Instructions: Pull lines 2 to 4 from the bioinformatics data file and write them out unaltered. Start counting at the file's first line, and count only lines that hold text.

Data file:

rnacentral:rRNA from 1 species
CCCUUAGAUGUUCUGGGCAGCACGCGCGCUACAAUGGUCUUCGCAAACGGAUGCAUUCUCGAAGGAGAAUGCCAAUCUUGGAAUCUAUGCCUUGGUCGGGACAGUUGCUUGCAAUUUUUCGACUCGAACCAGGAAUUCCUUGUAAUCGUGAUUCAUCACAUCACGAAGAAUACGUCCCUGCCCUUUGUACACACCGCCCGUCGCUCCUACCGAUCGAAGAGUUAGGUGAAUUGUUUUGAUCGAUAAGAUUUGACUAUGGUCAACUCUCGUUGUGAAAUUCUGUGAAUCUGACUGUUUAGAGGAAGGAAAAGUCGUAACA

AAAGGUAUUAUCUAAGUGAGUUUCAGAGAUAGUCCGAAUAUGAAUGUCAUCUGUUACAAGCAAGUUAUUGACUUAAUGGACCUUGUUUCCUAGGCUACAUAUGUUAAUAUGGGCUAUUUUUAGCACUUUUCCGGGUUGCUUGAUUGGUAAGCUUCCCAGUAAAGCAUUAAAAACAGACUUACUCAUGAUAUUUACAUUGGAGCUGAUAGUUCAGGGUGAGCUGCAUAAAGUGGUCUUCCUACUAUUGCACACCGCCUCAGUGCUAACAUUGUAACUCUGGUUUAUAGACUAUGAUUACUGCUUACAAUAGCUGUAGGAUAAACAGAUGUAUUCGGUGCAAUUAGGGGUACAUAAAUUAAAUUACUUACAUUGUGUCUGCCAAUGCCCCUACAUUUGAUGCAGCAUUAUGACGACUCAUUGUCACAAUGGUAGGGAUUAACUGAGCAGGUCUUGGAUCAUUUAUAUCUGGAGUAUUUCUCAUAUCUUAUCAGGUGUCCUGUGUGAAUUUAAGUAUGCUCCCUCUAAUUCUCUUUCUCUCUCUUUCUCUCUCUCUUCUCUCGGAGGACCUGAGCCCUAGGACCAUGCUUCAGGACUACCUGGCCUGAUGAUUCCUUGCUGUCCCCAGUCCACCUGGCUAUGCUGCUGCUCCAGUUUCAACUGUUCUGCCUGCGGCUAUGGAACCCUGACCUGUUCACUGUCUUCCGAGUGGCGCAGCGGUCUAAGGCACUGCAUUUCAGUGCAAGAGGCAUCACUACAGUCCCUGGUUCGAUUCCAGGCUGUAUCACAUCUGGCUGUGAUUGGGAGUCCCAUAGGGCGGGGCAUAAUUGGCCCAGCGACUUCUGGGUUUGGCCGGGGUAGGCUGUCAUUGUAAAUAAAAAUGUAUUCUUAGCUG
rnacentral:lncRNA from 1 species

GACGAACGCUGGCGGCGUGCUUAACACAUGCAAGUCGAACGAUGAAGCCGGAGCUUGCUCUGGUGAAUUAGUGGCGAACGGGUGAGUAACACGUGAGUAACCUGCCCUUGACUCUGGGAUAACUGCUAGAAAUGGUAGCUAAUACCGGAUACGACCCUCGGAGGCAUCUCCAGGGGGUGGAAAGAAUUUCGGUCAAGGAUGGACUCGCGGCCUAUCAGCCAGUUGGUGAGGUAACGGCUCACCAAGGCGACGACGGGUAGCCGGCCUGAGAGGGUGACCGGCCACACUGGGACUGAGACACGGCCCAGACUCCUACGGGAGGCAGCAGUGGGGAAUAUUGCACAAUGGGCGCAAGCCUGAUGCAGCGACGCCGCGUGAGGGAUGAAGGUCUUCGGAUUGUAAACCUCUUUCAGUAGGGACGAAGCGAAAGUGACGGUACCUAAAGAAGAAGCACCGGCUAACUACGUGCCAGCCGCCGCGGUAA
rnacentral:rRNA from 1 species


CCCUUAGAUGUUCUGGGCAGCACGCGCGCUACAAUGGUCUUCGCAAACGGAUGCAUUCUCGAAGGAGAAUGCCAAUCUUGGAAUCUAUGCCUUGGUCGGGACAGUUGCUUGCAAUUUUUCGACUCGAACCAGGAAUUCCUUGUAAUCGUGAUUCAUCACAUCACGAAGAAUACGUCCCUGCCCUUUGUACACACCGCCCGUCGCUCCUACCGAUCGAAGAGUUAGGUGAAUUGUUUUGAUCGAUAAGAUUUGACUAUGGUCAACUCUCGUUGUGAAAUUCUGUGAAUCUGACUGUUUAGAGGAAGGAAAAGUCGUAACA

AAAGGUAUUAUCUAAGUGAGUUUCAGAGAUAGUCCGAAUAUGAAUGUCAUCUGUUACAAGCAAGUUAUUGACUUAAUGGACCUUGUUUCCUAGGCUACAUAUGUUAAUAUGGGCUAUUUUUAGCACUUUUCCGGGUUGCUUGAUUGGUAAGCUUCCCAGUAAAGCAUUAAAAACAGACUUACUCAUGAUAUUUACAUUGGAGCUGAUAGUUCAGGGUGAGCUGCAUAAAGUGGUCUUCCUACUAUUGCACACCGCCUCAGUGCUAACAUUGUAACUCUGGUUUAUAGACUAUGAUUACUGCUUACAAUAGCUGUAGGAUAAACAGAUGUAUUCGGUGCAAUUAGGGGUACAUAAAUUAAAUUACUUACAUUGUGUCUGCCAAUGCCCCUACAUUUGAUGCAGCAUUAUGACGACUCAUUGUCACAAUGGUAGGGAUUAACUGAGCAGGUCUUGGAUCAUUUAUAUCUGGAGUAUUUCUCAUAUCUUAUCAGGUGUCCUGUGUGAAUUUAAGUAUGCUCCCUCUAAUUCUCUUUCUCUCUCUUUCUCUCUCUCUUCUCUCGGAGGACCUGAGCCCUAGGACCAUGCUUCAGGACUACCUGGCCUGAUGAUUCCUUGCUGUCCCCAGUCCACCUGGCUAUGCUGCUGCUCCAGUUUCAACUGUUCUGCCUGCGGCUAUGGAACCCUGACCUGUUCACUGUCUUCCGAGUGGCGCAGCGGUCUAAGGCACUGCAUUUCAGUGCAAGAGGCAUCACUACAGUCCCUGGUUCGAUUCCAGGCUGUAUCACAUCUGGCUGUGAUUGGGAGUCCCAUAGGGCGGGGCAUAAUUGGCCCAGCGACUUCUGGGUUUGGCCGGGGUAGGCUGUCAUUGUAAAUAAAAAUGUAUUCUUAGCUG
rnacentral:lncRNA from 1 species